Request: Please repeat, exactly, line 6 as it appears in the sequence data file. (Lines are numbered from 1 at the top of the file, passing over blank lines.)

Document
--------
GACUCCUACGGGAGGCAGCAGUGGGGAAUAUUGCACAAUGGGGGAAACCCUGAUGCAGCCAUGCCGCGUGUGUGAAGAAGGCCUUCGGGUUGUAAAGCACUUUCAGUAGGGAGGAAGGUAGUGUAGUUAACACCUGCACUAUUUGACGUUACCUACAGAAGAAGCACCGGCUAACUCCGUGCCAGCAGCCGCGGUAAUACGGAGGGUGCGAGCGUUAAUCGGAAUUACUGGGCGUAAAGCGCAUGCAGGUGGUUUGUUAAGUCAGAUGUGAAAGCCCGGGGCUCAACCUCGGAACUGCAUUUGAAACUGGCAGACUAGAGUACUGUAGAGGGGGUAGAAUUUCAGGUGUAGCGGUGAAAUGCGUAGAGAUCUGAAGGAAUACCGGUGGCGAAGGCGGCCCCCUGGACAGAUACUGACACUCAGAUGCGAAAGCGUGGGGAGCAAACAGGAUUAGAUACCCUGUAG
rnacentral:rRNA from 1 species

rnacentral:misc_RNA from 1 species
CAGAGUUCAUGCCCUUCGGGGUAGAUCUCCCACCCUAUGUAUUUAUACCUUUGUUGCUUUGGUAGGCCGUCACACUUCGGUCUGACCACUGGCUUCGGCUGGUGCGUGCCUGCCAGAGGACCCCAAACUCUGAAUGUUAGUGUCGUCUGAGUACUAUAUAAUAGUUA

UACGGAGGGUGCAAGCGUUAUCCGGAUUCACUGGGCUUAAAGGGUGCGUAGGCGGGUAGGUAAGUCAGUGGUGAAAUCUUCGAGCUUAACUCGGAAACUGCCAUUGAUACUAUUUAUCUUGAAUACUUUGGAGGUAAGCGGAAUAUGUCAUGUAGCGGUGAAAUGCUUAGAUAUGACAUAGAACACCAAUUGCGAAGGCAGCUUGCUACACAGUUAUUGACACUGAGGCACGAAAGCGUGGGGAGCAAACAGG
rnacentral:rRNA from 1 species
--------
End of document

rnacentral:rRNA from 1 species